Proper Gander: Views On The News
When Gogglebox’s producers came up with the show’s format, they’d found the Holy Grail of television shows: cheap and straightforward to churn out, but still massively popular. Netting four million viewers is quite good going for a programme that any of us can make just by putting a mirror next to our own TV. It’s no surprise, then, that a production company with a dearth of original ideas has nicked Gogglebox’s format in the hope of also nicking some of its viewers. The result is BBC2’s Common Sense, which features ‘real people’ (as opposed to what? Surreal people? Androids? Holograms?) having contrived chats about the previous week’s news stories with a camera shoved in front of them while Ruth Jones narrates. And that’s it.
The participants have been picked for ‘their sharp wit and humorous take on life’, but also reflect the stereotypes of ‘real people’ which the media easily falls back on. So, we have Cockney wideboys, cuddly grannies, rosy-cheeked butchers and poshos in pin-striped suits, although others, thankfully, are less obviously chosen to represent a tick-box group, such as the male Mancunian / Vietnamese nail technicians. They’re all there, really, just to open their mouths and let the words fall out.
In the first episode, we hear their views on populism (mostly bewilderment, but defined by one of the pin-striped suited poshos as ‘a word used by people who hate democracies functioning effectively’), climate change (‘we’ve got icebergs floating all over the place now’), the Queen being briefly mistaken for an intruder in Buckingham Palace’s gardens (‘if he had shot her … I bet they would have made a court case out of it’) and the Prime Minister taking yonks to say anything more substantial about Britain leaving the European Union than ‘Brexit means Brexit’ (‘people are calling her flippin’ Theresa Maybe’). There’s a healthy cynicism about Tony Blair attempting to ‘worm his way back into British politics to make up for Iraq’ alongside trying to ‘smarm his way’ into being the ‘President of the European Union, among other things. If not, he wants to be God’. Inevitably, Donald Trump’s tweets come up, and whether he’ll take notice of any of his advisers brave enough to ask him to tone his mad rants down (‘Otherwise they’ll shoot him’).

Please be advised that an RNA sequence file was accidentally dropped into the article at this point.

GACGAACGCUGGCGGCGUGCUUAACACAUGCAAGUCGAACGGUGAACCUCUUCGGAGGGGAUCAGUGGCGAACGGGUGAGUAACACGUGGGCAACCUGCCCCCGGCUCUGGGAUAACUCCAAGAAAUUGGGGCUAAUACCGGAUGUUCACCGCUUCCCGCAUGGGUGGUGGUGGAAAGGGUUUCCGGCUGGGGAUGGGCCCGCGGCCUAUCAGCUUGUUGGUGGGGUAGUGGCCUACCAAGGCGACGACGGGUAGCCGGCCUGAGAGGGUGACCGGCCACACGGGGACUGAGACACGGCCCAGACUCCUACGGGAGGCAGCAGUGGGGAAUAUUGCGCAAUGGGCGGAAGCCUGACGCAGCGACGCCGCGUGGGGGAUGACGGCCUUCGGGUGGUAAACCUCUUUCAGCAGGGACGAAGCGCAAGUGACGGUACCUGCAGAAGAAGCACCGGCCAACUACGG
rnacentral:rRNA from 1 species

Most of the participants, having probably watched Gogglebox, know the score and realise that witty banter is the order of the day, even if they don’t always deliver. Their chats are edited down into short exchanges, with the assumption that us viewers have the attention span of a bluebottle. Random sentences are punctuated by annoying plinky-plonky music, which somehow sounds like the producers sneering. And rather insultingly, the characters are introduced in exactly the same way as those in Little Britain are – with them looking at the camera while it pans slowly across them as jingoistic music plays. As the reviewer in the Telegraph asked, are we supposed to be laughing with or at the participants?
Common Sense reminds us that television has a condescending, awkward way of presenting ‘real people’ – i.e. any of us – on screen. The smarmy title gives it away, with the snobbish connotations of the word ‘common’. It’s as if the producers are looking at ‘real people’ from outside, like they’re staring at goldfish in a tank and prodding the glass every now and then. An extreme example of this tendency is, of course, the odious The Jeremy Kyle Show, which turns desperation into a spectator sport. And when ‘real people’ dare to think they’ve got talent and try their luck on The X-Factor and its ilk, those that can’t get remoulded into what’s likely to sell gig tickets and downloads get their dreams chewed up and spat out in their faces. All these shows exploit as well as present the ‘real people’ who appear on them. Even though they ostensibly give us proles an opportunity to express ourselves, they also reveal bourgeois attitudes about the working class. It’s not that programme-makers are necessarily deliberately setting out to do this; they’re just making a living by producing what the market supposedly wants, like the rest of us. However, the patronising whiff around series which ‘showcase’ ‘real’ or ‘ordinary’ people does make you wonder if they’re produced by people who think they’re a cut above. At least the internet gives many of us the opportunity to broadcast ourselves if we want to, in whatever way we prefer, without television’s distorting lens. If we want to make a YouTube video giving our opinions on the link between earthquakes and fracking we can, and equally we can make one listing our favourite Harry Potter books. Or, if we really want to engage with ‘real people’s’ views, we could just as well switch off our screens and start a conversation ourselves.